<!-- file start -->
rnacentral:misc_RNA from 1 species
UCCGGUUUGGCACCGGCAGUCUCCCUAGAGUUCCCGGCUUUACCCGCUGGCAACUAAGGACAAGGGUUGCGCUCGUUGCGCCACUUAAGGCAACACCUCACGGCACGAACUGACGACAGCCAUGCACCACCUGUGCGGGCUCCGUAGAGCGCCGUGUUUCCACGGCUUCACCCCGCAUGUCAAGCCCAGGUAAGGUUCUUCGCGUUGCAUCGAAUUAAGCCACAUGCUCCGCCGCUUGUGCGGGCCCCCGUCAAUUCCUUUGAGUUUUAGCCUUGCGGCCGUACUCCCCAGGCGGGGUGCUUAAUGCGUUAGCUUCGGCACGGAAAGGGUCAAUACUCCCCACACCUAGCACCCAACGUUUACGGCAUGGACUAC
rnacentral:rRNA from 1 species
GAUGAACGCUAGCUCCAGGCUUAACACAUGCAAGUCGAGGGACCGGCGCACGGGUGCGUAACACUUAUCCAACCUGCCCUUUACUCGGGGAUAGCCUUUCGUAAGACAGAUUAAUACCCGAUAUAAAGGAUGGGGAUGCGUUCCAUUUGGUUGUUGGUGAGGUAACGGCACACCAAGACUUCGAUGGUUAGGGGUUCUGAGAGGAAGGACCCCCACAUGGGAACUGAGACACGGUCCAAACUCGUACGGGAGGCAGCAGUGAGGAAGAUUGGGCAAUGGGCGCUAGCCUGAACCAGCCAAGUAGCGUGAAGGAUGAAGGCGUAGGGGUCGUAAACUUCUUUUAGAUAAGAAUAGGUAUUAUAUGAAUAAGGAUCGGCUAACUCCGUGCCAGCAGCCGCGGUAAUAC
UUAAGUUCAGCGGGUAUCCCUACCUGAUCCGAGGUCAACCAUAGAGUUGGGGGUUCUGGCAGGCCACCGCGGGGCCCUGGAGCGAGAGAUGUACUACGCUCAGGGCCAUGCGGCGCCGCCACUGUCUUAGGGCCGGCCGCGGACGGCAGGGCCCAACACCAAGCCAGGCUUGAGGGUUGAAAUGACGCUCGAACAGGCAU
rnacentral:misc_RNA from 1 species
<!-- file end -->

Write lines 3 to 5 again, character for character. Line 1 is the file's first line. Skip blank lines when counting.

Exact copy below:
rnacentral:rRNA from 1 species
GAUGAACGCUAGCUCCAGGCUUAACACAUGCAAGUCGAGGGACCGGCGCACGGGUGCGUAACACUUAUCCAACCUGCCCUUUACUCGGGGAUAGCCUUUCGUAAGACAGAUUAAUACCCGAUAUAAAGGAUGGGGAUGCGUUCCAUUUGGUUGUUGGUGAGGUAACGGCACACCAAGACUUCGAUGGUUAGGGGUUCUGAGAGGAAGGACCCCCACAUGGGAACUGAGACACGGUCCAAACUCGUACGGGAGGCAGCAGUGAGGAAGAUUGGGCAAUGGGCGCUAGCCUGAACCAGCCAAGUAGCGUGAAGGAUGAAGGCGUAGGGGUCGUAAACUUCUUUUAGAUAAGAAUAGGUAUUAUAUGAAUAAGGAUCGGCUAACUCCGUGCCAGCAGCCGCGGUAAUAC
UUAAGUUCAGCGGGUAUCCCUACCUGAUCCGAGGUCAACCAUAGAGUUGGGGGUUCUGGCAGGCCACCGCGGGGCCCUGGAGCGAGAGAUGUACUACGCUCAGGGCCAUGCGGCGCCGCCACUGUCUUAGGGCCGGCCGCGGACGGCAGGGCCCAACACCAAGCCAGGCUUGAGGGUUGAAAUGACGCUCGAACAGGCAU